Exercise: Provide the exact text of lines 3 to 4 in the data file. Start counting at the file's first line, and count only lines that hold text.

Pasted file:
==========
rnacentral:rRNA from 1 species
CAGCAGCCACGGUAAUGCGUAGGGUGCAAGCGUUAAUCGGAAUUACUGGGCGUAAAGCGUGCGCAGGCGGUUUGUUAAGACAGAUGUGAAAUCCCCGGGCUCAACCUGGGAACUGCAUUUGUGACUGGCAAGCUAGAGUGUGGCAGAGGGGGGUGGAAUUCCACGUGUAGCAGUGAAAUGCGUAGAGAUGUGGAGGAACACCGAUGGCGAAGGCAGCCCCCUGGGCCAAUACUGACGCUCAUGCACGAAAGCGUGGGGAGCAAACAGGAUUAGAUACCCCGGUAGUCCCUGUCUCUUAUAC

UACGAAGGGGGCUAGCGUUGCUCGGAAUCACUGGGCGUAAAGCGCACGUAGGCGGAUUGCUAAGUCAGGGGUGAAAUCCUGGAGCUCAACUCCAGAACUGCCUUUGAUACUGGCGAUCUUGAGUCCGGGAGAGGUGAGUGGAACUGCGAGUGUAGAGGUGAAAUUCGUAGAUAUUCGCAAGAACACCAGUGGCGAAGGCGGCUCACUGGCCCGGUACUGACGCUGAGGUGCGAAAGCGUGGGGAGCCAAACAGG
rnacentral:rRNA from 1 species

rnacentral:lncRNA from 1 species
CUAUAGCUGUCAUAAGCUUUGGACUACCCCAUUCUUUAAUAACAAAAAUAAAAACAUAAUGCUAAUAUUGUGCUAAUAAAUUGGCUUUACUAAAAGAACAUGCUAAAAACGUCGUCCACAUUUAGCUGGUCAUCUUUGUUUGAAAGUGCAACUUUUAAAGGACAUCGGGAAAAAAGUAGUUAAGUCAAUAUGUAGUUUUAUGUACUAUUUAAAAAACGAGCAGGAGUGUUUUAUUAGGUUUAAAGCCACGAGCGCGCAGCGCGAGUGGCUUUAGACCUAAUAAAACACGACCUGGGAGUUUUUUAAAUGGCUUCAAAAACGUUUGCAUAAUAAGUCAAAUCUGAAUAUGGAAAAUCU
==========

UACGAAGGGGGCUAGCGUUGCUCGGAAUCACUGGGCGUAAAGCGCACGUAGGCGGAUUGCUAAGUCAGGGGUGAAAUCCUGGAGCUCAACUCCAGAACUGCCUUUGAUACUGGCGAUCUUGAGUCCGGGAGAGGUGAGUGGAACUGCGAGUGUAGAGGUGAAAUUCGUAGAUAUUCGCAAGAACACCAGUGGCGAAGGCGGCUCACUGGCCCGGUACUGACGCUGAGGUGCGAAAGCGUGGGGAGCCAAACAGG
rnacentral:rRNA from 1 species